Java Exercise: Partition by Equivalence

By Xah Lee. Date:

Here's another interesting algorithmic exercise, again from part of a larger program in the previous posts.

Attached below is the original Perl documentation and its implementation. Your job today, is to write it in Java. Either by translation, or write it yourself independently from scratch. See comment at the bottom for a Java version's input/output spec.

I'll post my translation into the Java code tomorrow.

Problem Spec



merge($pairings) takes list of pairs, each pair indicates the sameness
of the two indexes. Returns a partitioned list of same indexes.

For example, if the input is
merge( [ [1,2], [2,4], [5,6] ] );

that means 1 and 2 are the same. 2 and 4 are the same. Therefore
1==2==4. The result returned is


(ordering of the returned list and sublists are not specified.)


sub merge($) {
my @input = @{$_[0]};

my @interm; # array of hashs

# chop the first value of @input into @interm
$interm[0]={$input[0][0]=>'x'}; ${interm[0]}{$input[0][1]}='x'; shift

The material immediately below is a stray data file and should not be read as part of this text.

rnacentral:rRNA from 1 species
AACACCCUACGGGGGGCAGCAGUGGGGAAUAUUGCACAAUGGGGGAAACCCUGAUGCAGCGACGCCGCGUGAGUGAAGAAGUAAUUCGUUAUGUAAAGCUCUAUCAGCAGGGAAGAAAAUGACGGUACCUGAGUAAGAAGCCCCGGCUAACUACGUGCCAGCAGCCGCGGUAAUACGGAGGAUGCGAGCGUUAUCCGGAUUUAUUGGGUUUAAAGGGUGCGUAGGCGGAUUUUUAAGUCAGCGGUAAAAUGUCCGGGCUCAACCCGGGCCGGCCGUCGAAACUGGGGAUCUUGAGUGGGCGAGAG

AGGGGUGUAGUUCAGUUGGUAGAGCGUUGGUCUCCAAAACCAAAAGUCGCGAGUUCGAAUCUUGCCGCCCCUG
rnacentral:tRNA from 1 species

N1: for my $aPair (@input) {
      for my $aGroup (@interm) {
          if (exists ${$aGroup}{$aPair->[0]}) 
{${$aGroup}{$aPair->[1]}='x'; next N1}
          if (exists ${$aGroup}{$aPair->[1]}) 
{${$aGroup}{$aPair->[0]}='x'; next N1}
      push @interm, {$aPair->[0]=>'x'}; ${interm[-1]}{$aPair->[1]}='x';

my @fin = shift @interm;

  N2: for my $group (@interm) {
      for my $newcoup (@fin) {
          foreach my $k (keys %$group) {
              if (exists ${$newcoup}{$k}) {map { ${$newcoup}{$_}='x'} 
(keys %$group); next N2;}
      push @fin, $group;
return map {[keys (%$_)]} @fin;

Here's a spec for the java version.

“merge” should be a static function. The input should be type ArrayList, whose members are “int[]” of two slots. The return type should be ArrayList, whose members are also of type ArrayList.

PS For those of you unfamiliar with math lingoes, partition a list means to divide the given list into sublists, based on some criterions. In our case, the input list comes in the form of pairs, and its members are the union of all members in the pairs. The criterion for partition in our case is that of equivalence, specified in the pairs input.

PS to run the perl code for testing, save it as a file, and append at the bottom these lines:

use Data::Dumper;
@ss = merge( [ [1,2], [2,4], [5,6] ] );
print Dumper \@ss;

Then, type perl in terminal to run it. It will print out the result.

For the same code in Python, see: Perl Python: Partition a List by Equivalence.